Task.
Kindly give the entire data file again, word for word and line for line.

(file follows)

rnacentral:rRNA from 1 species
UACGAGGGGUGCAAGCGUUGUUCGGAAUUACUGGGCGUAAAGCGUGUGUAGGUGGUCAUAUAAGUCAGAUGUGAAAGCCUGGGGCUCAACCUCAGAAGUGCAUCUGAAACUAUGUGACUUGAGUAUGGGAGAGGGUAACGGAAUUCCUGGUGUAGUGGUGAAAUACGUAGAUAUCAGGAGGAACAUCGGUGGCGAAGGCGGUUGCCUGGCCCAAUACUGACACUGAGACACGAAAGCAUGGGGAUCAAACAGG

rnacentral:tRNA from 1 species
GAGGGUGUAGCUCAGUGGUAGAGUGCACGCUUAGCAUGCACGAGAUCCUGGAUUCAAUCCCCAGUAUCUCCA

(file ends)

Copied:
rnacentral:rRNA from 1 species
UACGAGGGGUGCAAGCGUUGUUCGGAAUUACUGGGCGUAAAGCGUGUGUAGGUGGUCAUAUAAGUCAGAUGUGAAAGCCUGGGGCUCAACCUCAGAAGUGCAUCUGAAACUAUGUGACUUGAGUAUGGGAGAGGGUAACGGAAUUCCUGGUGUAGUGGUGAAAUACGUAGAUAUCAGGAGGAACAUCGGUGGCGAAGGCGGUUGCCUGGCCCAAUACUGACACUGAGACACGAAAGCAUGGGGAUCAAACAGG

rnacentral:tRNA from 1 species
GAGGGUGUAGCUCAGUGGUAGAGUGCACGCUUAGCAUGCACGAGAUCCUGGAUUCAAUCCCCAGUAUCUCCA